# B doesnt stop at either light c must stop just at the

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b) doesn't stop at either light? c) must stop just at the first light? Homework: Day 1: 6-22, 24, 25, 29, 34, 36 Day 2: 6.37, 38, 40, 44, 46, 50, 57

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Chapter 6: Probability and Simulation: The Study of Randomness Section 6.3: General Probability Rules Knowledge Objectives: Students will: Define what is meant by a joint event and joint probability . Explain what is meant by the conditional probability P ( A | B ). State the general multiplication rule for any two events . Explain what is meant by Bayes’s rule . Construction Objectives: Students will be able to: State the addition rule for disjoint events . State the general addition rule for union of two events . Given any two events A and B , compute P ( A B ) . Given two events, compute their joint probability . Use the general multiplication rule to define P ( B | A ). Define independent events in terms of a conditional probability. Vocabulary: Personal Probabilities – reflect someone’s assessment (guess) of chance Joint Event – simultaneous occurrence of two events Joint Probability – probability of a joint event Conditional Probabilities – probability of an event given that another event has occurred Key Concepts: General Addition Rule For any two events E and F, P(E or F) = P(E) + P(F) – P(E and F) E F E and F P(E or F) = P(E) + P(F) – P(E and F) Probability for non-Disjoint Events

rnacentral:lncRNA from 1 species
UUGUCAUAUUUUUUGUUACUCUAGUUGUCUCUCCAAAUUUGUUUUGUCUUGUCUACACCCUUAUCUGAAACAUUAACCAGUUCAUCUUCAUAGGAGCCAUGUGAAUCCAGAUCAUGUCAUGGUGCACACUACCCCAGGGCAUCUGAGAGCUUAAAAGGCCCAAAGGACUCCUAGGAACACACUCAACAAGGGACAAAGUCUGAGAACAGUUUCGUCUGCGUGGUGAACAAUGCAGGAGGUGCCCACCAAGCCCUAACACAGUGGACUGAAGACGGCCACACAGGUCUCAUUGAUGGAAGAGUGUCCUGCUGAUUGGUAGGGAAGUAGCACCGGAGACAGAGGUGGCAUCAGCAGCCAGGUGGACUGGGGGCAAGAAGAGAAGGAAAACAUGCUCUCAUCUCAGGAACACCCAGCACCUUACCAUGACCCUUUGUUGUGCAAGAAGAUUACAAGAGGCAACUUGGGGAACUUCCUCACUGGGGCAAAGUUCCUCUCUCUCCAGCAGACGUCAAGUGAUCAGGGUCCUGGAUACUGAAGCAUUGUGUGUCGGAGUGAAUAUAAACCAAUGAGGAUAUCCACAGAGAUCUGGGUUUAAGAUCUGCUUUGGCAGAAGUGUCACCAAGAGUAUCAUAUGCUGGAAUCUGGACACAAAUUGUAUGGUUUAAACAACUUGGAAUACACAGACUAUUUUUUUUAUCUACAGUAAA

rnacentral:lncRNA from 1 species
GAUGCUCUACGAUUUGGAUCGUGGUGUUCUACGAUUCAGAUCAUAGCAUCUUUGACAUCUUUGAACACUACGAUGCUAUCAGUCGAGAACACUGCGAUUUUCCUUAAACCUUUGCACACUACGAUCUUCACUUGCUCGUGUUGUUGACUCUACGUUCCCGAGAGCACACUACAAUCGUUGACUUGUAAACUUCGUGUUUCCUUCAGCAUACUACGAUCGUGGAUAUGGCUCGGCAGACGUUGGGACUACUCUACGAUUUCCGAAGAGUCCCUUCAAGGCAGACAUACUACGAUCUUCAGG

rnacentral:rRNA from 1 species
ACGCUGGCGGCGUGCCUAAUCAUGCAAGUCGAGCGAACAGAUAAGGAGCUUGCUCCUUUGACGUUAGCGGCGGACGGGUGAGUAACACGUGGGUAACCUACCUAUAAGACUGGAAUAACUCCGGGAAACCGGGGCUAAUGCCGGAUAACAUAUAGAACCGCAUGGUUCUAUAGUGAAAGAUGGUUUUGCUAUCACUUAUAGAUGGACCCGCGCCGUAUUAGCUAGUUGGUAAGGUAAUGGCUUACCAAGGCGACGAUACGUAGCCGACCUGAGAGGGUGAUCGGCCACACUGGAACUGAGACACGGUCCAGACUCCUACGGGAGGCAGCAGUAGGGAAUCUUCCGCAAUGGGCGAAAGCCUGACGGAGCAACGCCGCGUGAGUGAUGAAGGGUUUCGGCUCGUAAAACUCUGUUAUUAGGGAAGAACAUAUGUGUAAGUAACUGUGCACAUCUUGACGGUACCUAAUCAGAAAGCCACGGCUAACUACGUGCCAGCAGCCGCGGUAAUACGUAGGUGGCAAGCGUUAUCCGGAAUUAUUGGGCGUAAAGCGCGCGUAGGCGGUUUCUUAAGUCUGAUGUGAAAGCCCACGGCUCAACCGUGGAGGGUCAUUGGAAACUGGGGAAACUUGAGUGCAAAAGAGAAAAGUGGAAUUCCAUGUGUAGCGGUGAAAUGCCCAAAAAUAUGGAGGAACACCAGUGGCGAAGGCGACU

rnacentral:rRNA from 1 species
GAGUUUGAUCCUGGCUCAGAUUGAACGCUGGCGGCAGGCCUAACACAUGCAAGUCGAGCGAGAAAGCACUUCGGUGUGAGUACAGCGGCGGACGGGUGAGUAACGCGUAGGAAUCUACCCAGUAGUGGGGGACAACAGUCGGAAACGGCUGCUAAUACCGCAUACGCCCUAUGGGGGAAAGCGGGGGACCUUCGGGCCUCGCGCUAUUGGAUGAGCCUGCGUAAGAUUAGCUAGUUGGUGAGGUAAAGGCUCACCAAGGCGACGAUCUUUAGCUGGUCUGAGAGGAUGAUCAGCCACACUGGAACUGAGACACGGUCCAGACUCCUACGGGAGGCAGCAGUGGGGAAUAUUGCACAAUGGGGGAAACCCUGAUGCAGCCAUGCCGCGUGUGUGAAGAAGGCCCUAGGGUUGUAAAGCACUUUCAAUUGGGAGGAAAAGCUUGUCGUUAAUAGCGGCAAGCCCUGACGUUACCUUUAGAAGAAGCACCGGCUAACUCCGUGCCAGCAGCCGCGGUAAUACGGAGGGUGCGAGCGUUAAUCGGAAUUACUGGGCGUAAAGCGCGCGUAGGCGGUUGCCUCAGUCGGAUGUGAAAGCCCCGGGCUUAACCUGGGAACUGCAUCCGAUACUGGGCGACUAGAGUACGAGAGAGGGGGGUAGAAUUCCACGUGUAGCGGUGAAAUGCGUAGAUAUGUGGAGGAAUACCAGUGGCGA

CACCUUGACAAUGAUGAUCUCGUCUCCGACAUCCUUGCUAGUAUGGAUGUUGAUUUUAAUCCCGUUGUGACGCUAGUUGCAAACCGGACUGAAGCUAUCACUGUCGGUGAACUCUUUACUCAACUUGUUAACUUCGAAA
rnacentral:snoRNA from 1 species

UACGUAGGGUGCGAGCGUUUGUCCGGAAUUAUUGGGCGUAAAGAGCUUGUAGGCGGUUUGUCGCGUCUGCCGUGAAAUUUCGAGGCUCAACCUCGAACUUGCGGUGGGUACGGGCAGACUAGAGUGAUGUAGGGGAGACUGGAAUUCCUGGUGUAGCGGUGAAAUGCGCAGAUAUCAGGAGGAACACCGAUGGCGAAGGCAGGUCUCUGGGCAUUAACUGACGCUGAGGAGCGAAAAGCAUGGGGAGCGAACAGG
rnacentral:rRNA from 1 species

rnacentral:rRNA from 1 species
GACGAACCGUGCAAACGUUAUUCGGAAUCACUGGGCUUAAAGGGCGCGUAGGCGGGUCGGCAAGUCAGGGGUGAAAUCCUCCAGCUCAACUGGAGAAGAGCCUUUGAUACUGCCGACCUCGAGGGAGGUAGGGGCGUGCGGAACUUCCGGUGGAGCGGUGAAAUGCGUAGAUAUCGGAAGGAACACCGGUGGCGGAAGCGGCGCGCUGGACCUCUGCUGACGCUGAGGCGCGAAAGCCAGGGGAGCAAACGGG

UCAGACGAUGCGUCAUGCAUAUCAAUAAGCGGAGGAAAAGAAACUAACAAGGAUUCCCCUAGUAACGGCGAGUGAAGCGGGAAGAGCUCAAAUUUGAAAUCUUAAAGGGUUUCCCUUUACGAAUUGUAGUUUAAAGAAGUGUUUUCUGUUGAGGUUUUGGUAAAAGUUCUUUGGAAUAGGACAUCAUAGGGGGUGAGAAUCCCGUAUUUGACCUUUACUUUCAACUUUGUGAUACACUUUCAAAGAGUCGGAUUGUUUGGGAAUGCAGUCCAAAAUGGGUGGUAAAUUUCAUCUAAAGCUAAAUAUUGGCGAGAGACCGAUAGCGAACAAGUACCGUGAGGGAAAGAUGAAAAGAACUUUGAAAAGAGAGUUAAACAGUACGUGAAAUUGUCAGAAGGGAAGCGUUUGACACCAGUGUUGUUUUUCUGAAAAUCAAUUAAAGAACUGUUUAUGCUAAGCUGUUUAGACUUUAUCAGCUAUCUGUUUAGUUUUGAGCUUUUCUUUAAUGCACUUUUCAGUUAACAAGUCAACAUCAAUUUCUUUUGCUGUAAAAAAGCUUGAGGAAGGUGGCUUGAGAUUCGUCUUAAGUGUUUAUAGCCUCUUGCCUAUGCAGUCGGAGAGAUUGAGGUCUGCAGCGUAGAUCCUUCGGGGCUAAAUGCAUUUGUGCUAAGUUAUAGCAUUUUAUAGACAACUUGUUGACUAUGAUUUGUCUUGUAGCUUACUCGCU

Chapter 6: Probability and Simulation: The Study of Randomness General Multiplication Rule The probability that two events A and B both occur is P(A and B) = P(A B) = P(A) ∙ P(B | A) where P(B | A ) is a conditional probability read as the probability of B given that A has occurred Conditional Probability Rule If A and B are any two events, then P(A and B) N(A and B) P(B | A) = ----------------- = ---------------- P(A) N(A) N is the number of outcomes

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Chapter 6: Probability and Simulation: The Study of Randomness Example 1: A construction firm has bid on two different contracts. Let B 1 be the event that the first bid is successful and B 2 , that the second bid is successful. Suppose that P(B 1 ) = .4, P(B 2 ) = .6 and that the bids are independent. What is the probability that: a) both bids are successful? b) neither bid is successful? c) is successful in at least one of the bids? Example 2 : Given that P(A) = .3 , P(B) = .6, and P(B|A) = .4 find: a) P(A and B) b) P(A or B) c) P(A|B) Example 3 : Given P(A | B) = 0.55 and P(A or B) = 0.64 and P(B) = 0.3. Find P(A). Example 4 : If 60% of a department store’s customers are female and 75% of the female customers have a store charge card, what is the probability that a customer selected at random is female and had a store charge card? Example 5: Suppose 5% of a box of 100 light blubs is defective. If a store owner tests two light bulbs from the shipment and will accept the shipment only if both work. What is the probability that the owner rejects the shipment? Example 6 : Dan can hit the bulls eye ½ of the time Daren can hit the bulls eye of the time Duane can hit the bulls eye ¼ of the time Given that someone hits the bulls eye, what is the probability that it is Dan?
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